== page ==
Peace Polls 2018- What We Read In The Polls

By Yoanna Daskalova


The 2018 Peace Perceptions Poll was conducted at a time of rampant global conflicts rendering millions of people traumatized, injured, killed or displaced. It is a context of international great power rivalry and incessant downgrading of global norms such as human rights protection and adequate provision of humanitarian aid. The Poll inquired into the views on peace and conflict of more than 100,000 people from 15 countries. It spanned countries with active and virulent crisis such as Nigeria, Syria and the Democratic Republic of the Congo- DRC, to states that enjoy relative peace and stability such as the UK, Hungary and the US. Among the multiplicity of questions, were perceptions and experiences of violence, visions of security and peace and ideas for governmental policies on conflict resolution. Overall, the respondents share a concern for the inefficient but growing global trend towards short-term crisis response. They emphasize on the pressing need to invest in long-term conflict resolution, or sustainable peacebuilding. The latter strategy is firmly based on eradicating the undergirding causes of conflict whilst equipping societies with the tools to resolve conflicts in a peaceful manner. Importantly, whilst the findings demonstrate the diversity of experiences when it comes to various conflicts in diverging circumstances, it illustrates the common aspirations and ideas that people have on building and maintaining peace (Peace Perception Polls 2018).


            Specifically, the way peace and conflict were conceived of in the eyes of people living in relatively stable versus conflict-ridden areas, tended to diverge significantly. Whereas those living in some of the most dangerous environments, such as the DRC, Syria or Nigeria shared a common optimism about the future prospects of peace, their counterparts in mostly peaceful UK, Brazil, the US or Hungary felt way more pessimistic about peace and security. Among the most prevailing concerns were terrorism, harassment by state authorities, criminal violence, religious, ethnic and tribal conflict, and domestic violence. Moreover, among the many factors underpinning ideas on positive peace or the general absence of violence, were resolution of disputes without violence, the presence of less amounts of crime and violence, the ability to vote in national elections and the possibility to earn enough money as to support a family. However, the respondent indicated few necessary conditions for the realization of the aforementioned factors. Within these, political and economic inclusion were ranked the highest. Herein, particularly in South Africa and the DRC political exclusion was perceived at highest levels. Additionally, political corruption was another cause for the lack of political agency, and as such was felt mostly among respondents from Nigeria, Ukraine and South Africa. Notwithstanding the amounts of fake news and propaganda prompting violence and discrimination that permeate social media and the internet, both of them were ascribed a central role when it comes to growing levels of exerted political influence. Finally, concerning governmental policies on promoting peace and conflict resolution, the most common responses spanned resolving the primary reasons for eruption of conflicts, increased educational tools on peacebuilding, tolerance and conflict resolution in schools, rebuilding infrastructure damaged by war and deploying diplomatic and dispute mediation instruments (Peace Perception Polls 2018).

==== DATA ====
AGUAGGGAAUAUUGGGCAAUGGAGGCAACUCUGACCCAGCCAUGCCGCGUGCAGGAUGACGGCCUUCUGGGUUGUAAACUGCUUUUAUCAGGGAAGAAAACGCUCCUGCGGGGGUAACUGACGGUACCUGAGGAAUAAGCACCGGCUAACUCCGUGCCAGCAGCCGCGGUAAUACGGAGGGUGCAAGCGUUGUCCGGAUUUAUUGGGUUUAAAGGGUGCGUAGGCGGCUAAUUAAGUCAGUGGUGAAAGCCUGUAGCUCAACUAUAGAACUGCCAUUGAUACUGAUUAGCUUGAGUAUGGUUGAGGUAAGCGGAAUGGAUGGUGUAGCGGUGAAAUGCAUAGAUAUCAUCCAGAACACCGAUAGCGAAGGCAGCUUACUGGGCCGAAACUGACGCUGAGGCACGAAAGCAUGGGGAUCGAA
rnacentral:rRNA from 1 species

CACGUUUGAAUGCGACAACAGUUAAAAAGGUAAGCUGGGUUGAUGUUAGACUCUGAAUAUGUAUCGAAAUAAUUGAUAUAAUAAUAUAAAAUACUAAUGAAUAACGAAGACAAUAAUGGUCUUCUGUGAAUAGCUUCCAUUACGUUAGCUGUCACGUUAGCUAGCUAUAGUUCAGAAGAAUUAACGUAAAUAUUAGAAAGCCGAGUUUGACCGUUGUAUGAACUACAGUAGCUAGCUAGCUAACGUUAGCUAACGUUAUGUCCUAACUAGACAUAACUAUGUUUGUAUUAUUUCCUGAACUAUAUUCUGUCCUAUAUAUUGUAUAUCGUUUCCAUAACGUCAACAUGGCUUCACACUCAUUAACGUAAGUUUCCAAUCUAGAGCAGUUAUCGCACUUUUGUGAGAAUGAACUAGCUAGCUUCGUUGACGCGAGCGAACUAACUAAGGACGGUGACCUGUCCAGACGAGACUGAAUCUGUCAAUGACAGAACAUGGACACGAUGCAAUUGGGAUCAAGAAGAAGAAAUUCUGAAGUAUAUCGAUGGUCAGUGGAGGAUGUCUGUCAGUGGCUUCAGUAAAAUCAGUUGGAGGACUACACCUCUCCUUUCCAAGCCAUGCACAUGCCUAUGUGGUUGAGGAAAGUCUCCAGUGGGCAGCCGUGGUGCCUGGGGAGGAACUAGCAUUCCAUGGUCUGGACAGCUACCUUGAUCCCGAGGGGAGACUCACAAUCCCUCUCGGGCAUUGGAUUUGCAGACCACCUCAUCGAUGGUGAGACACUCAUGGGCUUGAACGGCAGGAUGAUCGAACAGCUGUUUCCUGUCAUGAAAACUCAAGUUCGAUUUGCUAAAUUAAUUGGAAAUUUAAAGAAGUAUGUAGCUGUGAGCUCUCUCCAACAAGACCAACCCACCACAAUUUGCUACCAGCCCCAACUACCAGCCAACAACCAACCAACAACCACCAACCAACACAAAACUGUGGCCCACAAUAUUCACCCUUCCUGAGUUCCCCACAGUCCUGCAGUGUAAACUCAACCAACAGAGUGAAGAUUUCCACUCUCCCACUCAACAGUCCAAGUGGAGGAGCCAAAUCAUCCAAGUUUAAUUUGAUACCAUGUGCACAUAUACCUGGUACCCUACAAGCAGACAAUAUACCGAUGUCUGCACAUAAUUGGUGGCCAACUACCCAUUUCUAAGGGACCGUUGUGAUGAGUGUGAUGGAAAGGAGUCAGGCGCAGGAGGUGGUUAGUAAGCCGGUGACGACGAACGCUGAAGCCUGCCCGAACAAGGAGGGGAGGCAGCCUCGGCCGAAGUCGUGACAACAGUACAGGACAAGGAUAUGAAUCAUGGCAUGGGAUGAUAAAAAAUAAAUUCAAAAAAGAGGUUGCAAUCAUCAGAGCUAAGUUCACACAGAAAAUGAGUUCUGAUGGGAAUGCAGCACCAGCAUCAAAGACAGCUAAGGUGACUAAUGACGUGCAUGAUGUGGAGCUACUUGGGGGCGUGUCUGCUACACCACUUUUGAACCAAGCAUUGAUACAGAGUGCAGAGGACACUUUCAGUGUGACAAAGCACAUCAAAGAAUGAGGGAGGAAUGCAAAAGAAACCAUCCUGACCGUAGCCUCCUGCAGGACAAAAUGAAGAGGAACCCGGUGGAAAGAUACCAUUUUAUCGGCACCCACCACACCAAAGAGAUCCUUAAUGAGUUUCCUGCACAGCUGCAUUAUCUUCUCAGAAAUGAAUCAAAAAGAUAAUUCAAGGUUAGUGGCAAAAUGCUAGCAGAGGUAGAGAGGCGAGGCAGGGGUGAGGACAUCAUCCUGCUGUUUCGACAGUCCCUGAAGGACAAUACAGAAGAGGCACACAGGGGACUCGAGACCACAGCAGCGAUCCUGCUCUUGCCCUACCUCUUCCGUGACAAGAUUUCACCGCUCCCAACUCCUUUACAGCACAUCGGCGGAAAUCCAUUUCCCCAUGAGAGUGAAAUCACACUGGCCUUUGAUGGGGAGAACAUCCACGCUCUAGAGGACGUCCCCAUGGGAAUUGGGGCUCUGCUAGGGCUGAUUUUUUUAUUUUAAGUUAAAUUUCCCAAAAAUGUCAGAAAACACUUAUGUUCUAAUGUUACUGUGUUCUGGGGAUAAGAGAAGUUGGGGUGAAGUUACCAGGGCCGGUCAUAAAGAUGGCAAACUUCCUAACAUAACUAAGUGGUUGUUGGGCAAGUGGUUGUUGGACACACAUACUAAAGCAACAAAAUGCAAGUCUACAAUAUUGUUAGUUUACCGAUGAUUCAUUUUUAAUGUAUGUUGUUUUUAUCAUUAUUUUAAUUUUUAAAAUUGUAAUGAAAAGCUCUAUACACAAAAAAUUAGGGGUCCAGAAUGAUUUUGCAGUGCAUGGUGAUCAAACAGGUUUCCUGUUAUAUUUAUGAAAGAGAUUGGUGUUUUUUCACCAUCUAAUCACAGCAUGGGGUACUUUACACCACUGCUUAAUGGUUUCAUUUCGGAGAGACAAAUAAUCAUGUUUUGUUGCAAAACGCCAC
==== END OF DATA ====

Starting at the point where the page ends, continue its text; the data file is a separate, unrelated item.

If you want to delve into the details of responses and statistics discovered in the Poll, read the full report here:



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